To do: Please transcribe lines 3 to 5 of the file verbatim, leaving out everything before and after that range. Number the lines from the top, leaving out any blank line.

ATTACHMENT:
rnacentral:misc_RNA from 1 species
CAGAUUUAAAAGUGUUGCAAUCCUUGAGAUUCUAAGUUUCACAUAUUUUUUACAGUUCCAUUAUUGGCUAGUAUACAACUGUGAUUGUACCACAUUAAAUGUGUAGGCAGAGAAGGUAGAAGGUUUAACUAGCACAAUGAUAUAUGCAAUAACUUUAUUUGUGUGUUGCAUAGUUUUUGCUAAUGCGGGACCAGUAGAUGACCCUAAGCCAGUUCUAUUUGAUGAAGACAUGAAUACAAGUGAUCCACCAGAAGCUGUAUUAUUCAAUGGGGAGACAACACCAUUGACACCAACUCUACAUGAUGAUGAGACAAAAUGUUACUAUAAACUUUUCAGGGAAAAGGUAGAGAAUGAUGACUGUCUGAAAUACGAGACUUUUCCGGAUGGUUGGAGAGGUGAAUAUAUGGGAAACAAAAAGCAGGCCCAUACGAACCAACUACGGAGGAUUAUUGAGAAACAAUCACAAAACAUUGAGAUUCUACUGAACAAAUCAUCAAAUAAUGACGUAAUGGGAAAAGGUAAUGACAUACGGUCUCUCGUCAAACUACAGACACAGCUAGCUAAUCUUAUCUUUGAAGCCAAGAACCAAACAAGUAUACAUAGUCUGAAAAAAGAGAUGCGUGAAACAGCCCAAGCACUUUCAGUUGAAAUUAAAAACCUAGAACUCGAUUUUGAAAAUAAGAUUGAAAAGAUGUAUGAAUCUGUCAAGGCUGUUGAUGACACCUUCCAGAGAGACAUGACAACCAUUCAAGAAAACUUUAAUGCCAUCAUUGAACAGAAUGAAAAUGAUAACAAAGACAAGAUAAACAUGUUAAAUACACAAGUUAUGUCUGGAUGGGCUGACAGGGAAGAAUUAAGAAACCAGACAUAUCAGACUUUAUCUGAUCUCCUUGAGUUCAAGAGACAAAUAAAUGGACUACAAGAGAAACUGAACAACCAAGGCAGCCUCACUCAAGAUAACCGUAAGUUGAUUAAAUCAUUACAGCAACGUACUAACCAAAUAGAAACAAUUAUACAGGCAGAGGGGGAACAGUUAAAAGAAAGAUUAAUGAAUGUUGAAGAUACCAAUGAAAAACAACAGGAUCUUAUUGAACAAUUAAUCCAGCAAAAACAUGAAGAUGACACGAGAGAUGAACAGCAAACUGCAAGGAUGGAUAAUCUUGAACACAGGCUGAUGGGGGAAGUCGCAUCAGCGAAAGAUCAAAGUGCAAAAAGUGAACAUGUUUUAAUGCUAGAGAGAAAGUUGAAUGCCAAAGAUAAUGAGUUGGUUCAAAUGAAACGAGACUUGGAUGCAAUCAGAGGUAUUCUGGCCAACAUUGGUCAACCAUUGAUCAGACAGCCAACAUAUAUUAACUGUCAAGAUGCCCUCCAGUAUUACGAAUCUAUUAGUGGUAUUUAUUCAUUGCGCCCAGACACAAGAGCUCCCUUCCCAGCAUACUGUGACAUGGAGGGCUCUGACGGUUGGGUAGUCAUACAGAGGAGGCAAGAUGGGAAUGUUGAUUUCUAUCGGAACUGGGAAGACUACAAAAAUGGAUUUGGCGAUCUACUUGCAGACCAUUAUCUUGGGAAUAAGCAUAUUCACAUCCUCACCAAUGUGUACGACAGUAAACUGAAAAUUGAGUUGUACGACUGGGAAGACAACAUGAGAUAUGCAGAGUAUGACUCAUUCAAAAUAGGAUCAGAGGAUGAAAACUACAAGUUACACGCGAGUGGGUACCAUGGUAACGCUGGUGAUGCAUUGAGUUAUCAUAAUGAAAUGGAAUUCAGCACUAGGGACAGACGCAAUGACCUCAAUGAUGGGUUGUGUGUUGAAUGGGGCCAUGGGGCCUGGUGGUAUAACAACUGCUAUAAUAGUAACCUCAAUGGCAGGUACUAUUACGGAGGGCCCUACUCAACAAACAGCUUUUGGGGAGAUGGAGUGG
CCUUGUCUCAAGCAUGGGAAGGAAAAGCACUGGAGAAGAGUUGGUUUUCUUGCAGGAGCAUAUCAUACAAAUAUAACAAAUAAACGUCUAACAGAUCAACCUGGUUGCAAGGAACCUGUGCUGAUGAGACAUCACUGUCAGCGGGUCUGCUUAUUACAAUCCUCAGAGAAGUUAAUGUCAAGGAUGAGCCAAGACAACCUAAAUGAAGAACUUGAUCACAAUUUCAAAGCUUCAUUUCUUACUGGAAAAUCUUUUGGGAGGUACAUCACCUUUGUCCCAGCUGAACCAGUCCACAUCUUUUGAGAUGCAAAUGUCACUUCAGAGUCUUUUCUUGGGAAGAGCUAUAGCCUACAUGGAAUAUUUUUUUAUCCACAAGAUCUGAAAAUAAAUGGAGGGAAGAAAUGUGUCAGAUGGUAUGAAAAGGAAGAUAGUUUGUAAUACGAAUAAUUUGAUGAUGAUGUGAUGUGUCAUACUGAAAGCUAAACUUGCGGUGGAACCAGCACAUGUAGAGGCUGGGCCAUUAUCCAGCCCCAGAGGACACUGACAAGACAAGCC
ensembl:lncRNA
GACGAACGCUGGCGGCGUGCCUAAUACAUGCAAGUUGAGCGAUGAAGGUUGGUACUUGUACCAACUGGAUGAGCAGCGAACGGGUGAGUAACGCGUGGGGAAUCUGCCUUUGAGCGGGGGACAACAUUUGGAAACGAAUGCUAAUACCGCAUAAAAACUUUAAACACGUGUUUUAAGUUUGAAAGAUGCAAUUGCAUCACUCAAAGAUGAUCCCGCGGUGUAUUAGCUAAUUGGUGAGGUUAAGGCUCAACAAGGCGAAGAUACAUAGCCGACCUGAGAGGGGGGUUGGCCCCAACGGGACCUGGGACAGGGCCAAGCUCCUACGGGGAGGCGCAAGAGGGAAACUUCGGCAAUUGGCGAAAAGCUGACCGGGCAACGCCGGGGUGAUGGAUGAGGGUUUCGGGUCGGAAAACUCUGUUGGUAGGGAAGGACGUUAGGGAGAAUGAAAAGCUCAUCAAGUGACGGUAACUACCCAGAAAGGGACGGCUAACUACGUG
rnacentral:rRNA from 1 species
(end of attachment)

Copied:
CCUUGUCUCAAGCAUGGGAAGGAAAAGCACUGGAGAAGAGUUGGUUUUCUUGCAGGAGCAUAUCAUACAAAUAUAACAAAUAAACGUCUAACAGAUCAACCUGGUUGCAAGGAACCUGUGCUGAUGAGACAUCACUGUCAGCGGGUCUGCUUAUUACAAUCCUCAGAGAAGUUAAUGUCAAGGAUGAGCCAAGACAACCUAAAUGAAGAACUUGAUCACAAUUUCAAAGCUUCAUUUCUUACUGGAAAAUCUUUUGGGAGGUACAUCACCUUUGUCCCAGCUGAACCAGUCCACAUCUUUUGAGAUGCAAAUGUCACUUCAGAGUCUUUUCUUGGGAAGAGCUAUAGCCUACAUGGAAUAUUUUUUUAUCCACAAGAUCUGAAAAUAAAUGGAGGGAAGAAAUGUGUCAGAUGGUAUGAAAAGGAAGAUAGUUUGUAAUACGAAUAAUUUGAUGAUGAUGUGAUGUGUCAUACUGAAAGCUAAACUUGCGGUGGAACCAGCACAUGUAGAGGCUGGGCCAUUAUCCAGCCCCAGAGGACACUGACAAGACAAGCC
ensembl:lncRNA
GACGAACGCUGGCGGCGUGCCUAAUACAUGCAAGUUGAGCGAUGAAGGUUGGUACUUGUACCAACUGGAUGAGCAGCGAACGGGUGAGUAACGCGUGGGGAAUCUGCCUUUGAGCGGGGGACAACAUUUGGAAACGAAUGCUAAUACCGCAUAAAAACUUUAAACACGUGUUUUAAGUUUGAAAGAUGCAAUUGCAUCACUCAAAGAUGAUCCCGCGGUGUAUUAGCUAAUUGGUGAGGUUAAGGCUCAACAAGGCGAAGAUACAUAGCCGACCUGAGAGGGGGGUUGGCCCCAACGGGACCUGGGACAGGGCCAAGCUCCUACGGGGAGGCGCAAGAGGGAAACUUCGGCAAUUGGCGAAAAGCUGACCGGGCAACGCCGGGGUGAUGGAUGAGGGUUUCGGGUCGGAAAACUCUGUUGGUAGGGAAGGACGUUAGGGAGAAUGAAAAGCUCAUCAAGUGACGGUAACUACCCAGAAAGGGACGGCUAACUACGUG